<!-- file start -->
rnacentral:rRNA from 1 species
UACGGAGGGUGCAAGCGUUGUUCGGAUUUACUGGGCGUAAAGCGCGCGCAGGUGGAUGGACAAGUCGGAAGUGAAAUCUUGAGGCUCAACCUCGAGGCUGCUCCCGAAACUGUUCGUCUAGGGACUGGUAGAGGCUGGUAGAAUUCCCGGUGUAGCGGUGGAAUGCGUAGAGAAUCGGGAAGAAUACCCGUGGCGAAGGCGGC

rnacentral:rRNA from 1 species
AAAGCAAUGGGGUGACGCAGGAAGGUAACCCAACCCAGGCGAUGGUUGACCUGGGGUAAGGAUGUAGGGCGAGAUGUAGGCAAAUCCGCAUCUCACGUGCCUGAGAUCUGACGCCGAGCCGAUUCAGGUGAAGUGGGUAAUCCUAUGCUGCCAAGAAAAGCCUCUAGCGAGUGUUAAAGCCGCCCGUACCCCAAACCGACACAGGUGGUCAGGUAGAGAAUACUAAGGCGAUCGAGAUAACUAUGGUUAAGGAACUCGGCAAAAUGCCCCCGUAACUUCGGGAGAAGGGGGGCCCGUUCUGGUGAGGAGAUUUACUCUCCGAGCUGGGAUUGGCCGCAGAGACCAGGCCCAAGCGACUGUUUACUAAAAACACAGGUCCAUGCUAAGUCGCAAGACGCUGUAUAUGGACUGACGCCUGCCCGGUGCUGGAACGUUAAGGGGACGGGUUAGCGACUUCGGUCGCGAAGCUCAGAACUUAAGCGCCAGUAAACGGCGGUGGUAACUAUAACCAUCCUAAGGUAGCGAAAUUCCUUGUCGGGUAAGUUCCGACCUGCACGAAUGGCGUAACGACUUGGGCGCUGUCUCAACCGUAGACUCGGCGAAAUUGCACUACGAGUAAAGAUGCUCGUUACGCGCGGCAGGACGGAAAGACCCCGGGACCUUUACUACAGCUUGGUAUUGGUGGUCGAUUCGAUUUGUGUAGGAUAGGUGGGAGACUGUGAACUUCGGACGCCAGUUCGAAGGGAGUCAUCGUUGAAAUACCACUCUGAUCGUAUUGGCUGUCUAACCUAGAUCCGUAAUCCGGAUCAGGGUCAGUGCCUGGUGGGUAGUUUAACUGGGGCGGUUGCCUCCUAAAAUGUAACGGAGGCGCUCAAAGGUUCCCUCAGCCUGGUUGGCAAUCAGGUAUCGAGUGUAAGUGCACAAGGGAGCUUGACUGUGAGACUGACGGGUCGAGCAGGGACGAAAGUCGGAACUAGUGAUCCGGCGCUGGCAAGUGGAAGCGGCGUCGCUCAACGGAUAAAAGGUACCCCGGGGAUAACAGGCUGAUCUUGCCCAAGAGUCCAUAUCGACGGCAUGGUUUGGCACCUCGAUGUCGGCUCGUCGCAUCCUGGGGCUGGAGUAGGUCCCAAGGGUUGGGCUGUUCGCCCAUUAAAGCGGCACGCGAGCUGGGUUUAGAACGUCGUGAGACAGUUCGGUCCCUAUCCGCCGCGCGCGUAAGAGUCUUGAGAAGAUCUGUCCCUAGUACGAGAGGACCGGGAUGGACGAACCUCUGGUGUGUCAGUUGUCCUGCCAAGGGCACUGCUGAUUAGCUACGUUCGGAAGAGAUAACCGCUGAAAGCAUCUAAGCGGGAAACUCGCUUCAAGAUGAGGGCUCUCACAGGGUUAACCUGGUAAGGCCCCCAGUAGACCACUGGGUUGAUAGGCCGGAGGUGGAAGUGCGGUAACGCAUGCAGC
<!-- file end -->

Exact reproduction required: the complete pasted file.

rnacentral:rRNA from 1 species
UACGGAGGGUGCAAGCGUUGUUCGGAUUUACUGGGCGUAAAGCGCGCGCAGGUGGAUGGACAAGUCGGAAGUGAAAUCUUGAGGCUCAACCUCGAGGCUGCUCCCGAAACUGUUCGUCUAGGGACUGGUAGAGGCUGGUAGAAUUCCCGGUGUAGCGGUGGAAUGCGUAGAGAAUCGGGAAGAAUACCCGUGGCGAAGGCGGC

rnacentral:rRNA from 1 species
AAAGCAAUGGGGUGACGCAGGAAGGUAACCCAACCCAGGCGAUGGUUGACCUGGGGUAAGGAUGUAGGGCGAGAUGUAGGCAAAUCCGCAUCUCACGUGCCUGAGAUCUGACGCCGAGCCGAUUCAGGUGAAGUGGGUAAUCCUAUGCUGCCAAGAAAAGCCUCUAGCGAGUGUUAAAGCCGCCCGUACCCCAAACCGACACAGGUGGUCAGGUAGAGAAUACUAAGGCGAUCGAGAUAACUAUGGUUAAGGAACUCGGCAAAAUGCCCCCGUAACUUCGGGAGAAGGGGGGCCCGUUCUGGUGAGGAGAUUUACUCUCCGAGCUGGGAUUGGCCGCAGAGACCAGGCCCAAGCGACUGUUUACUAAAAACACAGGUCCAUGCUAAGUCGCAAGACGCUGUAUAUGGACUGACGCCUGCCCGGUGCUGGAACGUUAAGGGGACGGGUUAGCGACUUCGGUCGCGAAGCUCAGAACUUAAGCGCCAGUAAACGGCGGUGGUAACUAUAACCAUCCUAAGGUAGCGAAAUUCCUUGUCGGGUAAGUUCCGACCUGCACGAAUGGCGUAACGACUUGGGCGCUGUCUCAACCGUAGACUCGGCGAAAUUGCACUACGAGUAAAGAUGCUCGUUACGCGCGGCAGGACGGAAAGACCCCGGGACCUUUACUACAGCUUGGUAUUGGUGGUCGAUUCGAUUUGUGUAGGAUAGGUGGGAGACUGUGAACUUCGGACGCCAGUUCGAAGGGAGUCAUCGUUGAAAUACCACUCUGAUCGUAUUGGCUGUCUAACCUAGAUCCGUAAUCCGGAUCAGGGUCAGUGCCUGGUGGGUAGUUUAACUGGGGCGGUUGCCUCCUAAAAUGUAACGGAGGCGCUCAAAGGUUCCCUCAGCCUGGUUGGCAAUCAGGUAUCGAGUGUAAGUGCACAAGGGAGCUUGACUGUGAGACUGACGGGUCGAGCAGGGACGAAAGUCGGAACUAGUGAUCCGGCGCUGGCAAGUGGAAGCGGCGUCGCUCAACGGAUAAAAGGUACCCCGGGGAUAACAGGCUGAUCUUGCCCAAGAGUCCAUAUCGACGGCAUGGUUUGGCACCUCGAUGUCGGCUCGUCGCAUCCUGGGGCUGGAGUAGGUCCCAAGGGUUGGGCUGUUCGCCCAUUAAAGCGGCACGCGAGCUGGGUUUAGAACGUCGUGAGACAGUUCGGUCCCUAUCCGCCGCGCGCGUAAGAGUCUUGAGAAGAUCUGUCCCUAGUACGAGAGGACCGGGAUGGACGAACCUCUGGUGUGUCAGUUGUCCUGCCAAGGGCACUGCUGAUUAGCUACGUUCGGAAGAGAUAACCGCUGAAAGCAUCUAAGCGGGAAACUCGCUUCAAGAUGAGGGCUCUCACAGGGUUAACCUGGUAAGGCCCCCAGUAGACCACUGGGUUGAUAGGCCGGAGGUGGAAGUGCGGUAACGCAUGCAGC